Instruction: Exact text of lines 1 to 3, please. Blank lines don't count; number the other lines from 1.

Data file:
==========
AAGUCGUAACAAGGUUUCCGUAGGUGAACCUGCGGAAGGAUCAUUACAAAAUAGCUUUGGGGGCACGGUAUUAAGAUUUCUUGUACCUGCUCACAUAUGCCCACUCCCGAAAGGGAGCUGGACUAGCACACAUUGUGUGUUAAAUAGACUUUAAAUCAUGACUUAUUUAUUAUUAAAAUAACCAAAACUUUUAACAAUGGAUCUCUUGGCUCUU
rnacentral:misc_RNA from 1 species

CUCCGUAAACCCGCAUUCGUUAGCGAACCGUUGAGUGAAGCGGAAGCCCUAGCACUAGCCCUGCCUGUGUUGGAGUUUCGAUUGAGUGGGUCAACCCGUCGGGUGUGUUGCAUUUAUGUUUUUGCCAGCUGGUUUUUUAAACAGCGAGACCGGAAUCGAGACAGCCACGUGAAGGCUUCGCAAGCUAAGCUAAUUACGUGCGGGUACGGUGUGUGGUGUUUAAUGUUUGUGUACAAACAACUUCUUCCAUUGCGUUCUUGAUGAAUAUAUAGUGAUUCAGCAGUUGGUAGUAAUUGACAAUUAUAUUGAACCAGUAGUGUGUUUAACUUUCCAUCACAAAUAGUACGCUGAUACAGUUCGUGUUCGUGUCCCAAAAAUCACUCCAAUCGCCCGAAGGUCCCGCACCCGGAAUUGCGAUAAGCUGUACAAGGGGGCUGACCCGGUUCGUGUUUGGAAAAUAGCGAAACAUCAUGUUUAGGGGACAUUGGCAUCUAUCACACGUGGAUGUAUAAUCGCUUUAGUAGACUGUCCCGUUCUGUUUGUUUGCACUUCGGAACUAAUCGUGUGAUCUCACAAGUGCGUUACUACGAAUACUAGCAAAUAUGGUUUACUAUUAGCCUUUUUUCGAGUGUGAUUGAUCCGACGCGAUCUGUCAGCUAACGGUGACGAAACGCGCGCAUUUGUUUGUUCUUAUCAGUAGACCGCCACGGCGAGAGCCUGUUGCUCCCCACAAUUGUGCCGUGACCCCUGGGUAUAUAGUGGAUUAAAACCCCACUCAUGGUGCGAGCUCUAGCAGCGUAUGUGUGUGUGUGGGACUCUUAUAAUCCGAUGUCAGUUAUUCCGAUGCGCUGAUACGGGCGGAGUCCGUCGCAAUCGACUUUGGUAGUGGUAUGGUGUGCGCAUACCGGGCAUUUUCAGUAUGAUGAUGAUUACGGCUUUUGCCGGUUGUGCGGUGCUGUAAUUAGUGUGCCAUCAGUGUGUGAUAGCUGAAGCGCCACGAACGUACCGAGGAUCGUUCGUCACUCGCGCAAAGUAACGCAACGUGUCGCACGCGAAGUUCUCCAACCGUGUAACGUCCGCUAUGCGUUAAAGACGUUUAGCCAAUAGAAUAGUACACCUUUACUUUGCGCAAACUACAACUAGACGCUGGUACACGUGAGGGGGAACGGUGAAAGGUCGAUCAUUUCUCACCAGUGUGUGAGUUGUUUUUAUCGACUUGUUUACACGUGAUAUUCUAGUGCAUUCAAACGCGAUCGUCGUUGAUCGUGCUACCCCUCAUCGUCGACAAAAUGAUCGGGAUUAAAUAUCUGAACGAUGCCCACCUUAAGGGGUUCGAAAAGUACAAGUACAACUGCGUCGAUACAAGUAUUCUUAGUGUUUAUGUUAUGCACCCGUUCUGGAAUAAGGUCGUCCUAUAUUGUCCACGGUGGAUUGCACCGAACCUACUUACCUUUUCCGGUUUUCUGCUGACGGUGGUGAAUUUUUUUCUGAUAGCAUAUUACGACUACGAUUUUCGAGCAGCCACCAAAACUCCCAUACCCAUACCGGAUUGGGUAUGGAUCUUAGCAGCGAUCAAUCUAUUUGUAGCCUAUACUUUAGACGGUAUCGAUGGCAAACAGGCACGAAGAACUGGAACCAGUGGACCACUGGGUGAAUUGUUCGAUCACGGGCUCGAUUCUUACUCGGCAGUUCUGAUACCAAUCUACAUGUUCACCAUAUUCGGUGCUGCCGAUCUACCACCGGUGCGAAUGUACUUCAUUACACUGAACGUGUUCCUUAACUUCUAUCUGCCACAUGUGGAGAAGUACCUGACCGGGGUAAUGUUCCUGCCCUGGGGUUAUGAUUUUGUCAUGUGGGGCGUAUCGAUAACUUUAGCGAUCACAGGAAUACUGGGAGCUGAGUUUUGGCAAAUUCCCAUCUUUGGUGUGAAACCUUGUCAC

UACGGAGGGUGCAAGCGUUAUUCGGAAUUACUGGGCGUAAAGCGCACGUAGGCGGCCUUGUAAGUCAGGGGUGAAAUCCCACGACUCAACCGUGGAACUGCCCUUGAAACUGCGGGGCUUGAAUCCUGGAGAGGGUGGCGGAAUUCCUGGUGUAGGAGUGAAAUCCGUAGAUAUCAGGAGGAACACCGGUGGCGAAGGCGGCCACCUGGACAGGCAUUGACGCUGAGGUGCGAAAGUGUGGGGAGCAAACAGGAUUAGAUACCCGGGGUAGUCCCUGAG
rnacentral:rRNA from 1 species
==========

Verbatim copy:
AAGUCGUAACAAGGUUUCCGUAGGUGAACCUGCGGAAGGAUCAUUACAAAAUAGCUUUGGGGGCACGGUAUUAAGAUUUCUUGUACCUGCUCACAUAUGCCCACUCCCGAAAGGGAGCUGGACUAGCACACAUUGUGUGUUAAAUAGACUUUAAAUCAUGACUUAUUUAUUAUUAAAAUAACCAAAACUUUUAACAAUGGAUCUCUUGGCUCUU
rnacentral:misc_RNA from 1 species

CUCCGUAAACCCGCAUUCGUUAGCGAACCGUUGAGUGAAGCGGAAGCCCUAGCACUAGCCCUGCCUGUGUUGGAGUUUCGAUUGAGUGGGUCAACCCGUCGGGUGUGUUGCAUUUAUGUUUUUGCCAGCUGGUUUUUUAAACAGCGAGACCGGAAUCGAGACAGCCACGUGAAGGCUUCGCAAGCUAAGCUAAUUACGUGCGGGUACGGUGUGUGGUGUUUAAUGUUUGUGUACAAACAACUUCUUCCAUUGCGUUCUUGAUGAAUAUAUAGUGAUUCAGCAGUUGGUAGUAAUUGACAAUUAUAUUGAACCAGUAGUGUGUUUAACUUUCCAUCACAAAUAGUACGCUGAUACAGUUCGUGUUCGUGUCCCAAAAAUCACUCCAAUCGCCCGAAGGUCCCGCACCCGGAAUUGCGAUAAGCUGUACAAGGGGGCUGACCCGGUUCGUGUUUGGAAAAUAGCGAAACAUCAUGUUUAGGGGACAUUGGCAUCUAUCACACGUGGAUGUAUAAUCGCUUUAGUAGACUGUCCCGUUCUGUUUGUUUGCACUUCGGAACUAAUCGUGUGAUCUCACAAGUGCGUUACUACGAAUACUAGCAAAUAUGGUUUACUAUUAGCCUUUUUUCGAGUGUGAUUGAUCCGACGCGAUCUGUCAGCUAACGGUGACGAAACGCGCGCAUUUGUUUGUUCUUAUCAGUAGACCGCCACGGCGAGAGCCUGUUGCUCCCCACAAUUGUGCCGUGACCCCUGGGUAUAUAGUGGAUUAAAACCCCACUCAUGGUGCGAGCUCUAGCAGCGUAUGUGUGUGUGUGGGACUCUUAUAAUCCGAUGUCAGUUAUUCCGAUGCGCUGAUACGGGCGGAGUCCGUCGCAAUCGACUUUGGUAGUGGUAUGGUGUGCGCAUACCGGGCAUUUUCAGUAUGAUGAUGAUUACGGCUUUUGCCGGUUGUGCGGUGCUGUAAUUAGUGUGCCAUCAGUGUGUGAUAGCUGAAGCGCCACGAACGUACCGAGGAUCGUUCGUCACUCGCGCAAAGUAACGCAACGUGUCGCACGCGAAGUUCUCCAACCGUGUAACGUCCGCUAUGCGUUAAAGACGUUUAGCCAAUAGAAUAGUACACCUUUACUUUGCGCAAACUACAACUAGACGCUGGUACACGUGAGGGGGAACGGUGAAAGGUCGAUCAUUUCUCACCAGUGUGUGAGUUGUUUUUAUCGACUUGUUUACACGUGAUAUUCUAGUGCAUUCAAACGCGAUCGUCGUUGAUCGUGCUACCCCUCAUCGUCGACAAAAUGAUCGGGAUUAAAUAUCUGAACGAUGCCCACCUUAAGGGGUUCGAAAAGUACAAGUACAACUGCGUCGAUACAAGUAUUCUUAGUGUUUAUGUUAUGCACCCGUUCUGGAAUAAGGUCGUCCUAUAUUGUCCACGGUGGAUUGCACCGAACCUACUUACCUUUUCCGGUUUUCUGCUGACGGUGGUGAAUUUUUUUCUGAUAGCAUAUUACGACUACGAUUUUCGAGCAGCCACCAAAACUCCCAUACCCAUACCGGAUUGGGUAUGGAUCUUAGCAGCGAUCAAUCUAUUUGUAGCCUAUACUUUAGACGGUAUCGAUGGCAAACAGGCACGAAGAACUGGAACCAGUGGACCACUGGGUGAAUUGUUCGAUCACGGGCUCGAUUCUUACUCGGCAGUUCUGAUACCAAUCUACAUGUUCACCAUAUUCGGUGCUGCCGAUCUACCACCGGUGCGAAUGUACUUCAUUACACUGAACGUGUUCCUUAACUUCUAUCUGCCACAUGUGGAGAAGUACCUGACCGGGGUAAUGUUCCUGCCCUGGGGUUAUGAUUUUGUCAUGUGGGGCGUAUCGAUAACUUUAGCGAUCACAGGAAUACUGGGAGCUGAGUUUUGGCAAAUUCCCAUCUUUGGUGUGAAACCUUGUCAC